Objective: To summarize the evidence with respect to sugar sweetened beverages (SSBs) consumption and risk of coronary heart disease (CHD) and to recommend field standards for future analysis on this topic.
Methods: We searched for articles published up to February 2013 through PubMed, EMbase, and Cochrane Library Database and reviewed reference list of the retrieved articles. Prospective studies with reported relative risks (RRs) with 95% confidence intervals (CIs) of CHD for different categories of SSBs consumption were included. Random-effects models were used to evaluate the associations by comparing the highest and lowest categories of SSBs consumption in relation to risk of CHD.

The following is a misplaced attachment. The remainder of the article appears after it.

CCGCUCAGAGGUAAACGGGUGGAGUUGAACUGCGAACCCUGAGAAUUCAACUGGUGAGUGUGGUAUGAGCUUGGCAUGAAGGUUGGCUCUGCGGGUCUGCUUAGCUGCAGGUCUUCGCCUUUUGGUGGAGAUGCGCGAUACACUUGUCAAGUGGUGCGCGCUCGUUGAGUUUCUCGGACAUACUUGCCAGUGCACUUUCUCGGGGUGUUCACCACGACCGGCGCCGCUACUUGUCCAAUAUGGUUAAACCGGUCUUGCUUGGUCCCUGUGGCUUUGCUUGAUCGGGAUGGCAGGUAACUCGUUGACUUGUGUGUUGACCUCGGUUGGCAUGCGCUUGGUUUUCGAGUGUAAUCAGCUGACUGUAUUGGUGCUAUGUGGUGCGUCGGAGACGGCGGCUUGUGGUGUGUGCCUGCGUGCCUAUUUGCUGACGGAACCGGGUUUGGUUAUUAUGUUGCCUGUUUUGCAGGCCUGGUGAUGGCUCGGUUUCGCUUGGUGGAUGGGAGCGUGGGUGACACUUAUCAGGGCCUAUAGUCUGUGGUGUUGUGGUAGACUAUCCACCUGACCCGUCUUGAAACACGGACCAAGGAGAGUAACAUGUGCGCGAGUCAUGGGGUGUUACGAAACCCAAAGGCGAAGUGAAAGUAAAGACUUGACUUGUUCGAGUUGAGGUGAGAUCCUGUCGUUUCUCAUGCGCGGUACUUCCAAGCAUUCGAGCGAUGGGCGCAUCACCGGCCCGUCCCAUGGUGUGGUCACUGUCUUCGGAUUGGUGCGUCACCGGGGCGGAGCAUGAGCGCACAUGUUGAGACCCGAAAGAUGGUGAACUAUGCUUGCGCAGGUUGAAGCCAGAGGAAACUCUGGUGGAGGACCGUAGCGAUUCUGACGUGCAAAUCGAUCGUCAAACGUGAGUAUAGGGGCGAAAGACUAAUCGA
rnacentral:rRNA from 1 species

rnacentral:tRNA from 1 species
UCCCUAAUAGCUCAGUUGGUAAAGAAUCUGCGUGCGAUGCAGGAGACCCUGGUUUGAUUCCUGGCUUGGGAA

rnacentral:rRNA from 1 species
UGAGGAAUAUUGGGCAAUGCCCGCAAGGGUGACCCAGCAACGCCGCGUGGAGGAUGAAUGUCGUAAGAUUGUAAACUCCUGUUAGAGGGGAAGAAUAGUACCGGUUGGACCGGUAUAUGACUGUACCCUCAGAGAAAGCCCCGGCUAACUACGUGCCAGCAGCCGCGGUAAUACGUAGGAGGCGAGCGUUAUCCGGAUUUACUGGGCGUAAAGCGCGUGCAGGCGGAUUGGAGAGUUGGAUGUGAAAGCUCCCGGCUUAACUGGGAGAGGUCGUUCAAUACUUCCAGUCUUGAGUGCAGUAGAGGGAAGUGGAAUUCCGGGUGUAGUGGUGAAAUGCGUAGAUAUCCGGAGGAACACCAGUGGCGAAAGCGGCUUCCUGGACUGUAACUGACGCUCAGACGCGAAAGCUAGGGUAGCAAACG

Results: Four prospective studies with 7396 CHD cases among 173,753 participants were included in the meta-analysis. The pooled RR (95% CI) for CHD in the highest category of SSBs consumption in comparison with the lowest category of SSBs was 1.17 (1.07-1.28). Stratified analyses indicated a significant association for men but not for women, with pooled RRs (95%CI) of 1.17 (1.05-1.29) and 1.19 (0.94-1.50), respectively. For studies carried out in America, the pooled RR for CHD was 1.18 (1.07-1.30). Additionally, a one-severing per day increase in SSBs consumption was associated with a 16% increased risk of CHD (RR: 1.16, 95%CI: 1.10-1.23).
Conclusion: Our meta-analysis of four studies suggests that consumption of SSBs may increase risk of CHD, especially among men and American populations. However, this finding was based on limited studies; further studies are warranted to critically evaluate the relationship.
Keywords: Coronary heart disease; Meta-analysis; Sugar sweetened beverages.
Copyright © 2014. Published by Elsevier Ireland Ltd.